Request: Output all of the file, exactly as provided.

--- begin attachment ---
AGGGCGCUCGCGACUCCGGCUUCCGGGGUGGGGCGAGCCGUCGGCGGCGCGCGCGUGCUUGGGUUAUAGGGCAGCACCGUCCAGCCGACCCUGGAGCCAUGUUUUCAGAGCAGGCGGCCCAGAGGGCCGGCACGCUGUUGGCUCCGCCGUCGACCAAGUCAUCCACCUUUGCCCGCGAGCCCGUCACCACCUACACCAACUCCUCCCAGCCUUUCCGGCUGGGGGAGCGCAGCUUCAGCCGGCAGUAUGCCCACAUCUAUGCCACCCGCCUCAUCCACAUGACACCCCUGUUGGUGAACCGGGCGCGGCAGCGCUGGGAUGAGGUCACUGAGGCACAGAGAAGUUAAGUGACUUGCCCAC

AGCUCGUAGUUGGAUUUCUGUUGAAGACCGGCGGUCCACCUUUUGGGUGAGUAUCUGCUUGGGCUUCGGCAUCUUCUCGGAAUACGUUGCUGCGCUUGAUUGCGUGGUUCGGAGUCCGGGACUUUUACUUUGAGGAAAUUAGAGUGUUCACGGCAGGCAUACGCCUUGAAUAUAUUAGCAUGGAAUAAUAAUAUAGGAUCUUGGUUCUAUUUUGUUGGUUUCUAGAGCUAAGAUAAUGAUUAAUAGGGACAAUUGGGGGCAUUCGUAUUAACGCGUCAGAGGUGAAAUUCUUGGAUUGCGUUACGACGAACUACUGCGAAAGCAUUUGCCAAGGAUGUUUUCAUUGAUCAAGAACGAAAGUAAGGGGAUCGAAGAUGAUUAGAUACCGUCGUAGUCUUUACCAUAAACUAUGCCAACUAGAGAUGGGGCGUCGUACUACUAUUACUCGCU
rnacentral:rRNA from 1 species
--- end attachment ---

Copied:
AGGGCGCUCGCGACUCCGGCUUCCGGGGUGGGGCGAGCCGUCGGCGGCGCGCGCGUGCUUGGGUUAUAGGGCAGCACCGUCCAGCCGACCCUGGAGCCAUGUUUUCAGAGCAGGCGGCCCAGAGGGCCGGCACGCUGUUGGCUCCGCCGUCGACCAAGUCAUCCACCUUUGCCCGCGAGCCCGUCACCACCUACACCAACUCCUCCCAGCCUUUCCGGCUGGGGGAGCGCAGCUUCAGCCGGCAGUAUGCCCACAUCUAUGCCACCCGCCUCAUCCACAUGACACCCCUGUUGGUGAACCGGGCGCGGCAGCGCUGGGAUGAGGUCACUGAGGCACAGAGAAGUUAAGUGACUUGCCCAC

AGCUCGUAGUUGGAUUUCUGUUGAAGACCGGCGGUCCACCUUUUGGGUGAGUAUCUGCUUGGGCUUCGGCAUCUUCUCGGAAUACGUUGCUGCGCUUGAUUGCGUGGUUCGGAGUCCGGGACUUUUACUUUGAGGAAAUUAGAGUGUUCACGGCAGGCAUACGCCUUGAAUAUAUUAGCAUGGAAUAAUAAUAUAGGAUCUUGGUUCUAUUUUGUUGGUUUCUAGAGCUAAGAUAAUGAUUAAUAGGGACAAUUGGGGGCAUUCGUAUUAACGCGUCAGAGGUGAAAUUCUUGGAUUGCGUUACGACGAACUACUGCGAAAGCAUUUGCCAAGGAUGUUUUCAUUGAUCAAGAACGAAAGUAAGGGGAUCGAAGAUGAUUAGAUACCGUCGUAGUCUUUACCAUAAACUAUGCCAACUAGAGAUGGGGCGUCGUACUACUAUUACUCGCU
rnacentral:rRNA from 1 species